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May 28, 2016 in Author's Life | Tags: Albert Roasa, Carl Roasa, Floyd Roasa, Glen Barr, Granger Cemetery, Henry Mohr, Hubert Roasa, James Thurber, Laura Roasa, Leonard Mohr, Memorial Day, Memphis Soldiers' Memorial, Nathaniel Thurber, Poppies for remembrance, Raymond Seyb, Rupert Seyb, Saint Paul Cemetery | 2 comments
My great uncle Carl A. Roasa was inducted into the Army/Marine unit on July 5, 1917 in Kansas City, Missouri. He served overseas from May 20, 1918 until January 17, 1919 when he died in France of pneumonia. He was buried in the Granger Cemetery started by his parents Albert and Laura Roasa. They bought land and planted trees. Carl was the first burial. I read in Albert’s war records that his mother was notified of his death. I picture my great-grandmother receiving this devastating news of her beloved son, and my heart breaks.
A Soldiers’ Memorial was established near the Scotland County Courthouse in Memphis, Missouri in 1923 led by the Betsy Ross Club. Other organizations joined forces including Home Guards, Order of the Eastern Star and Mothers of Soldiers. The names of the soldiers who made the ultimate sacrifice were chiseled on the memorial pillars. The engraving reads “In memoriam to the boys from Scotland County 1914 ~ World War ~ 1918, they gave their all for liberty and democracy.” The honor roll of twenty-five soldiers includes Carl A. Roasa.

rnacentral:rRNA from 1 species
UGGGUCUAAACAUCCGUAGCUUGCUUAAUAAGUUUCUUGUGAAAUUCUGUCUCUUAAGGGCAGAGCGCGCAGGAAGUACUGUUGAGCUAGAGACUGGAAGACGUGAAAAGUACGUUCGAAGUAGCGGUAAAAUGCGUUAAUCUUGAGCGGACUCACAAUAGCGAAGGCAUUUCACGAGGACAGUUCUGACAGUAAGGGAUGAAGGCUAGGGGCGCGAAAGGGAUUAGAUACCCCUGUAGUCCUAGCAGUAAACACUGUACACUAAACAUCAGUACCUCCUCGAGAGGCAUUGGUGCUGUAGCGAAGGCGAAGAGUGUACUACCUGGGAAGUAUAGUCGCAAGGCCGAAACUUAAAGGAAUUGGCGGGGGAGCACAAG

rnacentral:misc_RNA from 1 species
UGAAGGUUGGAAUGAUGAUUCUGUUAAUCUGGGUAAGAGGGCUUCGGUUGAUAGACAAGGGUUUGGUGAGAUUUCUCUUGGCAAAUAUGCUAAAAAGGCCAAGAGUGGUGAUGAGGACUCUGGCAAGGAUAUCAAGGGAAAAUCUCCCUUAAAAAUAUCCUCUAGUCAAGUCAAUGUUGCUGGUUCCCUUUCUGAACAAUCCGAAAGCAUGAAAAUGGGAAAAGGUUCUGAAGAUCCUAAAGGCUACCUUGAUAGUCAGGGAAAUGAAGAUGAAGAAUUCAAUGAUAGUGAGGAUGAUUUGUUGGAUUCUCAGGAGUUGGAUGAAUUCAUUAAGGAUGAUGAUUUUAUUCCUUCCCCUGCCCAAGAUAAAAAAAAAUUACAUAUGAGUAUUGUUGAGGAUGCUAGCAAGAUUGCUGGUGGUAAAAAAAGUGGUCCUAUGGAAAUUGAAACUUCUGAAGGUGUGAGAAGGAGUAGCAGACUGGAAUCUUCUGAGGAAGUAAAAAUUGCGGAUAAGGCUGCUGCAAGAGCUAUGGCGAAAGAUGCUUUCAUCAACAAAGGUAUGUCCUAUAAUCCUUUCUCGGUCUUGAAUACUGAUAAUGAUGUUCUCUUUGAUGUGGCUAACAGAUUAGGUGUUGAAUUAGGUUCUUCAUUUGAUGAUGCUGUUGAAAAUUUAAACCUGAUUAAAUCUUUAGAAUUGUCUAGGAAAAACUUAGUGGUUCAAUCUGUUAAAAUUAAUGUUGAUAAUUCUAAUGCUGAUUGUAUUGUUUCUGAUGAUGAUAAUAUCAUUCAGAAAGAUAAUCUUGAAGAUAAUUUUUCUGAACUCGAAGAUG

Although I am not in Missouri this Memorial Day weekend, I will visit the Granger Cemetery as well as the Saint Paul Cemetery later this summer. My grandma Mohr taught me why we celebrate Memorial Day. We picked peonies and roses from her beautiful gardens and decorated loved ones’ graves. I learned that red poppies symbolized remembrance of those fallen in war. She always prayed for nature to hold back the rain to preserve flowers for Memorial Day weekend. She especially wanted perfect flowers for her brother’s grave, Rupert who died from influenza in France in World I. Private Rupert Seyb served in Company F, 350th Infantry with American Expeditionary Forces. He died in France at twenty-six-years-old. His funeral card has this tribute—In Loving Remembrance.
In sunny France there came a chance
To test his soul in blood
He didn’t stop—but o’er the top
He went—and he made good.
And that is why we dare not cry
As his brave soul passes on;
His name’s enrolled on Fame’s bright scroll,
Our glorious valiant son.
My ancestors who bravely served our nation and made it safely home were:
- Nathaniel Thurber, my great-great-great-great-grandfather—American Revolutionary War
- James Thurber, my great-great-great-grandfather—War of 1812
- Henry Mohr, my great-uncle—World War I
- Raymond Seyb, my great-uncle—World War I
- Floyd Roasa, my great-uncle—World War I
- Hubert Roasa, my great-uncle—World War I
- Leonard Seyb Mohr, my father—World War II
- Glen Barr, my uncle—World War II
Uncle Glen was proud of his military service and carried his discharge document from the day he left the service until his death in 2009. I have a letter he wrote to my mother when he was in Italy. “Here I am somewhere in Italy. The scenery is sure like the pictures you see of Italy. Everything is nice and green up on sides of mountains. They have orchards and lots of grapes. All the buildings here are pretty well blown up. You don’t see any windows in the buildings….I am feeling fine.”
My father served over 4 1/2 years in Company M 20th Infantry 6th Division with half of his time in New Guinea. As a heavy machine gunner, he was unharmed in battle. However, he was hospitalized for a month due to a baseball head injury.
I pause to reflect on what my ancestors’ service and sacrifice mean to my life, and I am deeply grateful.